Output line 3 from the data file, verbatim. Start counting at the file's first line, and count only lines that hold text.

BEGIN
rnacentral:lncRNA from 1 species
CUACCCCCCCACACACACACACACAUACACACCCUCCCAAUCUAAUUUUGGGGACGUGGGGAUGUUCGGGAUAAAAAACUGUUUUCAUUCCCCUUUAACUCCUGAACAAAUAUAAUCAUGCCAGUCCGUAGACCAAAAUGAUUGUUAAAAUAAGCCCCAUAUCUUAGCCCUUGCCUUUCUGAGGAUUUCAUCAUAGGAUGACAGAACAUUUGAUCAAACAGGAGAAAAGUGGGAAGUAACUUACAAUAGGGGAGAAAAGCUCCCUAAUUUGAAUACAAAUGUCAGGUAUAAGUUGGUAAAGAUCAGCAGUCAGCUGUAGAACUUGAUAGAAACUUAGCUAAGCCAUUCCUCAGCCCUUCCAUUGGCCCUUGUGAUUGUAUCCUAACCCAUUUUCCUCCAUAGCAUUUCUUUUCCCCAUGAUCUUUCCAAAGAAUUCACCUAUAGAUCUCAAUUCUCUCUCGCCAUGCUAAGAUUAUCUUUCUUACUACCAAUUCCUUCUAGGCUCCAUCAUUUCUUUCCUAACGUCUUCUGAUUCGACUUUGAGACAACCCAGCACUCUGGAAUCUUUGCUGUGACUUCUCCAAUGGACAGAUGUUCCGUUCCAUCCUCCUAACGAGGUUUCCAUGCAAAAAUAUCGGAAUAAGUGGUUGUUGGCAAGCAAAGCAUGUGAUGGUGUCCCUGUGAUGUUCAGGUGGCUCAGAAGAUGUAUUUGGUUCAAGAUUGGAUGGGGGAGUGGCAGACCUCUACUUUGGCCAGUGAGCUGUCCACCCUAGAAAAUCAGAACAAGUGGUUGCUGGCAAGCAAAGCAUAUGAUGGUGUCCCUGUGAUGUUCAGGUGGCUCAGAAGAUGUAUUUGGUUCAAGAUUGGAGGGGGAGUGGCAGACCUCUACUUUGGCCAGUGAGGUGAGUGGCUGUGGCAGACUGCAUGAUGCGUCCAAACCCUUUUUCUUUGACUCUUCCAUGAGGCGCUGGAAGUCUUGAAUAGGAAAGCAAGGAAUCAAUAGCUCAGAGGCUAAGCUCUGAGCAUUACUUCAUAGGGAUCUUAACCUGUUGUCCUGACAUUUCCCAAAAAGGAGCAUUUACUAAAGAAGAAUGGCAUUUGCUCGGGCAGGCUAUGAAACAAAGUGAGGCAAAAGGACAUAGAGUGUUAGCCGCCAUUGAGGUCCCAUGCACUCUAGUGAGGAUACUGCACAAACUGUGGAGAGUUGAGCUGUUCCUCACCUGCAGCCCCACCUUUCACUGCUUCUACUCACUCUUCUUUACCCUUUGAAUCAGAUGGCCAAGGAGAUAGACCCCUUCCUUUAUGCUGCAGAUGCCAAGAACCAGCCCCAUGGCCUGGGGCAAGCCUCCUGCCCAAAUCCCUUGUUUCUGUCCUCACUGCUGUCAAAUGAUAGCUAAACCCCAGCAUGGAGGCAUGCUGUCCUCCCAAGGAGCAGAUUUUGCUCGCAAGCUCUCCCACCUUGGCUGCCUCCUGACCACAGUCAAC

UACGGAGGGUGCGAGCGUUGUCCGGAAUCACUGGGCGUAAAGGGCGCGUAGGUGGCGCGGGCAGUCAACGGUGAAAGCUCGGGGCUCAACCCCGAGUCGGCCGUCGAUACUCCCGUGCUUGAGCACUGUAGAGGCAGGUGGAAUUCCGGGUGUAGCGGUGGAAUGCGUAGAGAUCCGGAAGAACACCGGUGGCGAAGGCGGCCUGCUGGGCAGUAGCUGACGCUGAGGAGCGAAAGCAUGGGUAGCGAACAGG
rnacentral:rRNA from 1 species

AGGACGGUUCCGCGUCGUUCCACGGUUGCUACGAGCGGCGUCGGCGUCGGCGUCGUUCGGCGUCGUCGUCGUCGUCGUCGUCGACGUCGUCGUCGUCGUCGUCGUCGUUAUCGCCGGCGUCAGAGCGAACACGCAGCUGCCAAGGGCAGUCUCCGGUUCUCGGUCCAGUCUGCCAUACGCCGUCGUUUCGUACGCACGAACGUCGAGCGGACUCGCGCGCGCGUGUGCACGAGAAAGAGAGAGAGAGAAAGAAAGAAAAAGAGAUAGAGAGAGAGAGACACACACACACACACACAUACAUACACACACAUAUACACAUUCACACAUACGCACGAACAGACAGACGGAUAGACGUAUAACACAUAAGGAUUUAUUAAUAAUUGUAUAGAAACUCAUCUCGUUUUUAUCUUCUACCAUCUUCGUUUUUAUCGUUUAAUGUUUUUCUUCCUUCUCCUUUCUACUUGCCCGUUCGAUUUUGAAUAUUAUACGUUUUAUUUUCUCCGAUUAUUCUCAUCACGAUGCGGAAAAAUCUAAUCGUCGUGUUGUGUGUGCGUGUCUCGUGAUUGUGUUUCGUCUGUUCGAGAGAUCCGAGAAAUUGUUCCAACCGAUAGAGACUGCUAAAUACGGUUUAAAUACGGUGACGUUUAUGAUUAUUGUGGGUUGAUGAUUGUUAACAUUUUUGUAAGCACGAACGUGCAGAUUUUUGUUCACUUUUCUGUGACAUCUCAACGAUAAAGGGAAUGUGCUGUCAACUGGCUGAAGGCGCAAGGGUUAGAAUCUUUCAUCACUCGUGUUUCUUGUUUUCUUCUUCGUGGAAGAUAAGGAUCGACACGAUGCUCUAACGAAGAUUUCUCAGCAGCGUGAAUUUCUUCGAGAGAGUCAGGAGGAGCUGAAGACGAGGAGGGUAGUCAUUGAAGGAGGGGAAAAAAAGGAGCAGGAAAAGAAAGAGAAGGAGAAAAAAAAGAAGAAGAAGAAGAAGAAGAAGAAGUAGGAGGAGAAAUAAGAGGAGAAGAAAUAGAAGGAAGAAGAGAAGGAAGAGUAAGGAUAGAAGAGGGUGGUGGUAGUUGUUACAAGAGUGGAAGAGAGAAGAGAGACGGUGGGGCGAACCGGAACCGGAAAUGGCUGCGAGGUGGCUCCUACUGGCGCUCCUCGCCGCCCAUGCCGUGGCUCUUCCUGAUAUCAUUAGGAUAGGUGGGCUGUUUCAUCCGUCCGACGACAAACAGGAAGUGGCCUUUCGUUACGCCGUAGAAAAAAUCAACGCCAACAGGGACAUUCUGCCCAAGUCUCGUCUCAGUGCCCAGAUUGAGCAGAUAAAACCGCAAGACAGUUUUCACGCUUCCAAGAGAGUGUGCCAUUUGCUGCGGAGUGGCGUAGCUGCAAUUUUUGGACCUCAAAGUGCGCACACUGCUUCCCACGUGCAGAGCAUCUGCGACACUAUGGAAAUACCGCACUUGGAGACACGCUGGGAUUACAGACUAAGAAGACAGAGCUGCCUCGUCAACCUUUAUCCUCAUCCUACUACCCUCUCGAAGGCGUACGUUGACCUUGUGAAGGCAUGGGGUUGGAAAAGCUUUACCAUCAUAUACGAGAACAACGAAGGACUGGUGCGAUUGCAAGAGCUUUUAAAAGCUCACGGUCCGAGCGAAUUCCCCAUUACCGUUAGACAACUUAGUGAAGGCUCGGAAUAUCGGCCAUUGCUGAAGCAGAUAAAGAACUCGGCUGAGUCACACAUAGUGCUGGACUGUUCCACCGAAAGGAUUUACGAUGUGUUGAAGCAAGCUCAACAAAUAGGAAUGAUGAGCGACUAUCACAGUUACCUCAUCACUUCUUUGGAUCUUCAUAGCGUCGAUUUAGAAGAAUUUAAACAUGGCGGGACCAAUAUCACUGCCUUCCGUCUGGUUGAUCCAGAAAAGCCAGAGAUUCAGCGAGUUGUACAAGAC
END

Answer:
UACGGAGGGUGCGAGCGUUGUCCGGAAUCACUGGGCGUAAAGGGCGCGUAGGUGGCGCGGGCAGUCAACGGUGAAAGCUCGGGGCUCAACCCCGAGUCGGCCGUCGAUACUCCCGUGCUUGAGCACUGUAGAGGCAGGUGGAAUUCCGGGUGUAGCGGUGGAAUGCGUAGAGAUCCGGAAGAACACCGGUGGCGAAGGCGGCCUGCUGGGCAGUAGCUGACGCUGAGGAGCGAAAGCAUGGGUAGCGAACAGG